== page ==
OH in the newsroom: “Why is there a ‘No Weapons Allowed’ sign on our door?” by Leah St. James

Why is there a ‘No Weapons Allowed’ sign on our door?

Image courtesy of Morgue Files

Image courtesy of morgueFile

That question was recently posed by one of the reporters returning to the newsroom after an assignment. As her words filtered into our consciousness, fingers stopped tapping away at keyboards, heads turned away from screens to look…and I said, “What ‘No Weapons Allowed’ sign?” (My husband often asks me how I can write fiction when my powers of observation are so lamentably…lame.)

Anyway, turns out there is a bit of a story behind this question. A man who had a scheduled meeting with our editorial board showed up with a holstered handgun at his waist. The person who was to escort him upstairs had recently moved to our area from North Carolina where, it seems, it’s common practice for businesses to post signs that no weapons are permitted on the property.

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Image courtesy of morgueFile

So when the visitor entered our building at that moment, the clearly visible handgun hanging off his waist, our staffer looked immediately to the door for a sign indicating whether or not weapons were permitting. As there was no sign to the contrary, the assumption was made that weapons were permitted.

When leadership discovered what had occurred, the sign was hastily made and posted.

You just don’t know what you don’t know… right?

I mean, as a native north-easterner, it would never occur to me to ask about open-carry laws. My assumption is that you can’t. Period. I raised my family in one of the top ten safest cities (per capita) in the country (in New Jersey, mind you). Crime happened, but our bad-ass local cops kept the typical “street thug” types away. Plus, I think half of us figured as long as you made nice with the Mafia family down the street, you’d be okay! (:-) Just a little fun with the stereotype of my native Jersey!)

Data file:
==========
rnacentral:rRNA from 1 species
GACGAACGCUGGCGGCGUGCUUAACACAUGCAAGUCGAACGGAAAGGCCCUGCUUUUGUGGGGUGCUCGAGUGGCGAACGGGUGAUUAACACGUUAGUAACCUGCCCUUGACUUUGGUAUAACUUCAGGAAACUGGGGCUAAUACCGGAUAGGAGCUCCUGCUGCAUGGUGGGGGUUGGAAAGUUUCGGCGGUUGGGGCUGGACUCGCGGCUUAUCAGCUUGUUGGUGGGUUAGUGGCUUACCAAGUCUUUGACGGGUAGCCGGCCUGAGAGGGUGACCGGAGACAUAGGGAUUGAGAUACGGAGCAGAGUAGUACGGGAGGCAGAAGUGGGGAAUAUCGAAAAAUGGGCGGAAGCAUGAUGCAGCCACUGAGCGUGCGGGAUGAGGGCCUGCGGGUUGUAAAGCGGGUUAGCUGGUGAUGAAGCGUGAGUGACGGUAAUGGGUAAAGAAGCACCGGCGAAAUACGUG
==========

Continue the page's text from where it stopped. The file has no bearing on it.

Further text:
All kidding aside, to me, the thought of people running around with weapons at the ready is something out of a James Bond or Lethal Weapon movie. It doesn’t happen in real life.

That is, until I moved to Virginia. Little did I know before making the trek south that the Commonwealth of Virginia is an open-carry state. In fact, according to website opencarry.org, “Virginia is one of our ‘Gold Star’ open carry states. There is complete state preemption of all firearms laws, open carry is increasingly common and law enforcement is well educated as to its legality.”

When I read this, after I forced myself to start breathing again, all I could think was, “WHAT?! I moved to a place where people are ‘increasingly’ carrying weapons…in plain sight?!”

I was the kind of mom who wouldn’t let my kids go to other kids’ homes if I found out they had weapons…especially if that little tidbit came directly from the kids in the family and not the parents. (Some of these kids actually confided to me where the weapons, and ammunition, were “hidden.”)

It’s not that I think weapons by themselves are bad. I do believe that “guns don’t kill people,” but I also believe it makes sense to limit access to people who are properly trained in their use and storage, and who aren’t half-crazed on drugs or just half-crazed, period.

Truly, I don’t want to get into the gun debate here. There are pros and cons on both sides, and I’m certainly not qualified to settle the issue. So I guess my point is, if you’re planning a move to an area that’s culturally different from what you’re used to, it might be prudent to look at all those aspects of an area before you move: crime statistics, economy, jobs, schools…and whether residents are permitted to prance around town like Dirty Harry, with a trusty .44 Magnum at the ready.

Just saying.

 

 

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7 thoughts on “OH in the newsroom: “Why is there a ‘No Weapons Allowed’ sign on our door?” by Leah St. James